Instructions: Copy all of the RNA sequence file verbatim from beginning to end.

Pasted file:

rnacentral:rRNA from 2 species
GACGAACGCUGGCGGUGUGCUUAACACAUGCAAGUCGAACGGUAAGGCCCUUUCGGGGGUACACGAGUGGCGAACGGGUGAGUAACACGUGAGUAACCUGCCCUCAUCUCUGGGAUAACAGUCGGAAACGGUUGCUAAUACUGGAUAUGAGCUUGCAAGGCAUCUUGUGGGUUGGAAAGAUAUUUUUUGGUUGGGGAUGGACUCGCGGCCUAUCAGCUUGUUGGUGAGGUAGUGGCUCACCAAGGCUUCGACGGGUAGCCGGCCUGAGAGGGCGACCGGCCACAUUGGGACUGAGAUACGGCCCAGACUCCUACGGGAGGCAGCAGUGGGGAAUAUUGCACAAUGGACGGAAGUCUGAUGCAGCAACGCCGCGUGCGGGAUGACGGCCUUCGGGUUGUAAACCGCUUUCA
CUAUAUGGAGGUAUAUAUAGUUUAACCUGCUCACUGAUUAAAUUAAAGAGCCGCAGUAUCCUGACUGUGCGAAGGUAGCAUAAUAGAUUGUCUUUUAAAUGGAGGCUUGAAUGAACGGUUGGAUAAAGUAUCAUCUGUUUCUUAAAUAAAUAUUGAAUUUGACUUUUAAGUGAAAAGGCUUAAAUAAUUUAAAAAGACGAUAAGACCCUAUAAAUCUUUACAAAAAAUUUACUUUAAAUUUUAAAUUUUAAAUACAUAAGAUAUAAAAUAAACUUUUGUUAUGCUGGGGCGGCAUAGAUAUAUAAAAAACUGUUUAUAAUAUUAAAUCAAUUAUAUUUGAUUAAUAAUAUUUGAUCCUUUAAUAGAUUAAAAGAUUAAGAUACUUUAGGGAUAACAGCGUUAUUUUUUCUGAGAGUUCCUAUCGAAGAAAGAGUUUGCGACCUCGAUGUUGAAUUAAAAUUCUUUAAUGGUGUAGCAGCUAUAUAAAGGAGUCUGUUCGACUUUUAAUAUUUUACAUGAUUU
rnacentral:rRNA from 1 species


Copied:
rnacentral:rRNA from 2 species
GACGAACGCUGGCGGUGUGCUUAACACAUGCAAGUCGAACGGUAAGGCCCUUUCGGGGGUACACGAGUGGCGAACGGGUGAGUAACACGUGAGUAACCUGCCCUCAUCUCUGGGAUAACAGUCGGAAACGGUUGCUAAUACUGGAUAUGAGCUUGCAAGGCAUCUUGUGGGUUGGAAAGAUAUUUUUUGGUUGGGGAUGGACUCGCGGCCUAUCAGCUUGUUGGUGAGGUAGUGGCUCACCAAGGCUUCGACGGGUAGCCGGCCUGAGAGGGCGACCGGCCACAUUGGGACUGAGAUACGGCCCAGACUCCUACGGGAGGCAGCAGUGGGGAAUAUUGCACAAUGGACGGAAGUCUGAUGCAGCAACGCCGCGUGCGGGAUGACGGCCUUCGGGUUGUAAACCGCUUUCA
CUAUAUGGAGGUAUAUAUAGUUUAACCUGCUCACUGAUUAAAUUAAAGAGCCGCAGUAUCCUGACUGUGCGAAGGUAGCAUAAUAGAUUGUCUUUUAAAUGGAGGCUUGAAUGAACGGUUGGAUAAAGUAUCAUCUGUUUCUUAAAUAAAUAUUGAAUUUGACUUUUAAGUGAAAAGGCUUAAAUAAUUUAAAAAGACGAUAAGACCCUAUAAAUCUUUACAAAAAAUUUACUUUAAAUUUUAAAUUUUAAAUACAUAAGAUAUAAAAUAAACUUUUGUUAUGCUGGGGCGGCAUAGAUAUAUAAAAAACUGUUUAUAAUAUUAAAUCAAUUAUAUUUGAUUAAUAAUAUUUGAUCCUUUAAUAGAUUAAAAGAUUAAGAUACUUUAGGGAUAACAGCGUUAUUUUUUCUGAGAGUUCCUAUCGAAGAAAGAGUUUGCGACCUCGAUGUUGAAUUAAAAUUCUUUAAUGGUGUAGCAGCUAUAUAAAGGAGUCUGUUCGACUUUUAAUAUUUUACAUGAUUU
rnacentral:rRNA from 1 species